Queering The Birdcage

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I think a fundamental mistake in assuming that butch/femme queer relationships are trying to mimic heterosexuality lies within the very fact that people in those relationships are in queer relationships. For example, if two female-bodied, female-identified women are in a relationship, it can be understood as a lesbian or queer relationship. The gender performance of these two women does not negate that, even if one dresses in a "masculine" manner and one dresses in a "feminine" manner. It is not that the "butch" woman is trying to be a man; she is just dressing in a way that make sense for her. Nor is she trying to perpetuate the idea that she is in a heterosexual(ish) relationship with another woman: they are in a lesbian/queer relationship. If anything, the play on heterosexuality is just that: play. It's showing off and even making fun, saying "look, we're just like you except we're both the same gender!"

Similarly, when we look at Armand and Albert, it is obvious that they are in a homosexual relationship, even though Albert dresses and acts in a "feminine" manner. They make no attempts to blend in, to act "normal", or to pass as heterosexual in their day-to-day lives. The idea is so absurd to the two characters that it is what the whole movie is based around! "Can these two homosexual men play it straight?" I believe that The Birdcage is a positive representation of queerness because it's such a playful look at homosexuality and heterosexuality as well at hetero- and homonormativity and gender/gender perfomativity. What does it mean to be a "stereotypical gay couple" as opposed to a "stereotypical straight couple"? And what happens if we mix that up and then play with gender a little? The fun really begins when the conservative father finds himself enamored with Albert- who is in drag as a house wife! It rarely gets more queer than The Birdcage.

4 Comments

I agree. It's the gender performance of the people within these queer relationships that is being discussed not whether or not they want to exist as a man or woman. More simply a butch lesbian does not want to be a man anymore than a femme lesbian wants to be a woman. So when the discussion is brought up about homosexual relationships mimicing heterosexual relationships it is important not to confuse the question of gender vs sex. I also agree that The Birdcage has the ability to portray a positive representation of queerness but I would say that it's not all fun. Since the dynamic of Armand and Albert's relationship mirrors a striaght one I do think it's important to recognize. If America didn't think of queer relationships as a reflection of straight ones and didn't want to edit the gay community (so to speak) with a lack of affection (they barely kiss in the movie) it wouldn't be represented in popular culture.

It's kind of unfortunate to me that in movies you only see gay couples pretending to be straight rather than straight couples pretending to be gay. The whole movie was centered around the senator and his wife not finding out that Val's parents are gay and then once it came out that they were it wasn't even a big deal. All the senator cared about was getting out of the club unspotted by the media. In one way I think The Birdcage was a negative representation of queerness because it displayed the gay couple as having to cover up their gayness and play it straight. As if their relationship was wrong and that if the media found out about it the senator's representation would be ruined. One would also think that a son raised by two fathers wouldn't try to hide it no matter who his fiance's parents were. The son would rather have his mother, a strange woman who hasn't been apart of his life for 20 years rather than the men that raised him meet his fiance's family. At the end of the movie I thought the son was going to apologize to both of his father's about the whole fiasco but he doesn't say anything! I get that the movie was pretty playful and not incredibly serious but it definitely sent out some negative vibes towards the queer community.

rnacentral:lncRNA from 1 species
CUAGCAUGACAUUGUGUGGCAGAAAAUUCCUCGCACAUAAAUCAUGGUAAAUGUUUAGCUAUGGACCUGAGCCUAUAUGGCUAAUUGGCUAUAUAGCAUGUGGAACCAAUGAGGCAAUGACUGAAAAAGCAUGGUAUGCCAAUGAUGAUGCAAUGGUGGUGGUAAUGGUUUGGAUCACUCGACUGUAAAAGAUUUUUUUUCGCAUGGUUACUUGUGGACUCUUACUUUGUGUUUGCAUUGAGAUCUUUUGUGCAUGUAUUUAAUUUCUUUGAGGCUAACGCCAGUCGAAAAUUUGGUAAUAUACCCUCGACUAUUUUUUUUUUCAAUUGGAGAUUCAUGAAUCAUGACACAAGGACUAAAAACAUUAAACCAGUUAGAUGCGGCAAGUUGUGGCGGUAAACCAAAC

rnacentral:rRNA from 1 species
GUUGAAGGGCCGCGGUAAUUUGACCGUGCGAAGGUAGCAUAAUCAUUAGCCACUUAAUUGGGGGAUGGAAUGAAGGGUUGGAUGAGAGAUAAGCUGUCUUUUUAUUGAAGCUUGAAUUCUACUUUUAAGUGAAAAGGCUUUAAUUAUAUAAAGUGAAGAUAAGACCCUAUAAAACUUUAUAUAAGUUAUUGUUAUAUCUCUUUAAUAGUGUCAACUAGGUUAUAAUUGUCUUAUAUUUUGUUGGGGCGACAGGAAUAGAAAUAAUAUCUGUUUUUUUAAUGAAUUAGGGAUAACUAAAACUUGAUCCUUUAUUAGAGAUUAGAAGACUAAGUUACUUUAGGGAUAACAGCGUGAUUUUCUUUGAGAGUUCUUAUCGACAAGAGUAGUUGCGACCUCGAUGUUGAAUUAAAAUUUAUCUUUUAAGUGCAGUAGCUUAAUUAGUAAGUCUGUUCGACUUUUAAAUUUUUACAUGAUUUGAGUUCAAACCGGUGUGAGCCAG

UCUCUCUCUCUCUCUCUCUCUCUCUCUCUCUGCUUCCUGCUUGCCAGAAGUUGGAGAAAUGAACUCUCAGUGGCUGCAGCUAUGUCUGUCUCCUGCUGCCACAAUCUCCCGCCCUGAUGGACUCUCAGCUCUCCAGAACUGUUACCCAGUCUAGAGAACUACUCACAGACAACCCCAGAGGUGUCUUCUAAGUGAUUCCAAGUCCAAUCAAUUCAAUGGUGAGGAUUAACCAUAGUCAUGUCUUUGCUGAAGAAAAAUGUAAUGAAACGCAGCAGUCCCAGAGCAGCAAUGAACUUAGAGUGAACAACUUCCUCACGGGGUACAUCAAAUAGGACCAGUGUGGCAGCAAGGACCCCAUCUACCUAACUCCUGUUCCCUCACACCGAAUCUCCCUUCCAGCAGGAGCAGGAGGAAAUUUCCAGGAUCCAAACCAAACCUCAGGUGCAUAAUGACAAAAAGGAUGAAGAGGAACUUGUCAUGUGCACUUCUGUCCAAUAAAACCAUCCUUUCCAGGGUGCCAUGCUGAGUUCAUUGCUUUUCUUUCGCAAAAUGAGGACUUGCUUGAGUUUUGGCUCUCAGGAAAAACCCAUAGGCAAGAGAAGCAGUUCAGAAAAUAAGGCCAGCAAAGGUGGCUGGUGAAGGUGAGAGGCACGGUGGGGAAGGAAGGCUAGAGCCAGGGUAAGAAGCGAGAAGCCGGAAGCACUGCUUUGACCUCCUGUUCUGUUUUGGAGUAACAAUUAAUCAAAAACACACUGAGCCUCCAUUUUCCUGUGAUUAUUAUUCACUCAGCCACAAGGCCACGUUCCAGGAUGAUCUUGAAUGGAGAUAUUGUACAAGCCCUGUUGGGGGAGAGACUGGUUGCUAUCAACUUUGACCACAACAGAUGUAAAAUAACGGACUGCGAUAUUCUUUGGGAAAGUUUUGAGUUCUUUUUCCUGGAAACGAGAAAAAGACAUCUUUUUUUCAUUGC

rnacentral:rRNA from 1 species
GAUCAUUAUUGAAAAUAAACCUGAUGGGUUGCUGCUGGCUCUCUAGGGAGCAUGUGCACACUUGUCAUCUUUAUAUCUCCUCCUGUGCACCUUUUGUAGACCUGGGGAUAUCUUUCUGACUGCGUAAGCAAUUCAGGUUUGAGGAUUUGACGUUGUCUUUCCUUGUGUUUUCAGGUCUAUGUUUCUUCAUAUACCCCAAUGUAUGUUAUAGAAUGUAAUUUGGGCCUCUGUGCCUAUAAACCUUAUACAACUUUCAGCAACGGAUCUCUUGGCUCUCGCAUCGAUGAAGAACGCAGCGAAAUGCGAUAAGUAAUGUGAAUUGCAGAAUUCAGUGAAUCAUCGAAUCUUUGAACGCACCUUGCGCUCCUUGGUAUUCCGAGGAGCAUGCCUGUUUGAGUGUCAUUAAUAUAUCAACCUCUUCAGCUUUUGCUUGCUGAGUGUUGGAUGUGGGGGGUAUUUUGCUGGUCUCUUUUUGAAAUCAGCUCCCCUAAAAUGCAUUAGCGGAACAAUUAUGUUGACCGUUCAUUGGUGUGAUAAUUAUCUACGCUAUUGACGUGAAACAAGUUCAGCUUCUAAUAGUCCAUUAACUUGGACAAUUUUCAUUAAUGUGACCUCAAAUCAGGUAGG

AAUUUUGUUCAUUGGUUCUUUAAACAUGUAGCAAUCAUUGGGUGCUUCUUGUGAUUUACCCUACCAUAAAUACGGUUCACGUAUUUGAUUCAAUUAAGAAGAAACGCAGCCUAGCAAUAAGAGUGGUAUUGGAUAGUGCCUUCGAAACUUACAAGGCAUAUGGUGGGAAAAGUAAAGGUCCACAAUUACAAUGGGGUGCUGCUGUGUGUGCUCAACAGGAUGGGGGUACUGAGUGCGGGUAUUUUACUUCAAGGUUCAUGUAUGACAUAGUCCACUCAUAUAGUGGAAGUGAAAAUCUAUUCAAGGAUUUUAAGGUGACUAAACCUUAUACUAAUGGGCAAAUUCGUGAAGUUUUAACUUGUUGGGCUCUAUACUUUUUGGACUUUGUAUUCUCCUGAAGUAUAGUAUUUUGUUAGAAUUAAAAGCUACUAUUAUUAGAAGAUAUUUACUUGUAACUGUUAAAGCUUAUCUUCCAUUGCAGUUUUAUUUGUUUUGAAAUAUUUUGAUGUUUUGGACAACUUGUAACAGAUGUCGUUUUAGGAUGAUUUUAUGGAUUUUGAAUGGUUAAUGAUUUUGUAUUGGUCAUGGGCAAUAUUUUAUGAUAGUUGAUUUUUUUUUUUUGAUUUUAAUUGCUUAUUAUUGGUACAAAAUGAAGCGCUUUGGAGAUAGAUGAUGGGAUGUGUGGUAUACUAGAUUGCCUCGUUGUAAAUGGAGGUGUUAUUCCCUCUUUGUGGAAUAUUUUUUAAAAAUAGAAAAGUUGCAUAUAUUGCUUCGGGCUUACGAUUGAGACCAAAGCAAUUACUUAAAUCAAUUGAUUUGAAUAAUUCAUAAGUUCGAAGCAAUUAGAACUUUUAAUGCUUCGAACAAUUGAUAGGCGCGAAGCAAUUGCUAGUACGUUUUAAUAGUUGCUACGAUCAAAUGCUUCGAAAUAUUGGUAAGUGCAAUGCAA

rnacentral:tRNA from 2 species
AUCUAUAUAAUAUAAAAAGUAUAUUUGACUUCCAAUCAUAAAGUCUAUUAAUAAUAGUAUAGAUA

I did like to hear what you said about how no matter how you make it look, queer couples are queer couples, and there's no getting around it. They're not trying to be straight or pretend to be straight. For the most part, people try to be themselves in relationships, they don't attempt to put on this act of heterosexuality, at least not intentionally. Sure there are going to be couples where there's one person more masculine then the other, but that's not all couples. People need to watch critically to find stereotypes so they don't fall for them. I definitely agree though that it definitely brings a positive look to a homosexual couple though. They're both happy, no one's dying, they're doing financially well. They're just a happy couple, which is surprising for a lot of movies portrating homosexuality.

I love your comment of the "tongue-in-cheek" intent of cross dressing. I have never thought of it in that light and makes a lot of sense. It's not necessarily that one partner simply wants to embody or buy in to the heterosexual gender role of masculine/feminine, but instead with the completely opposite hope of making others question the whole idea of a binary of gender roles at all. I really liked your post!!

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This page contains a single entry by tayl0598 published on February 9, 2012 1:45 PM.

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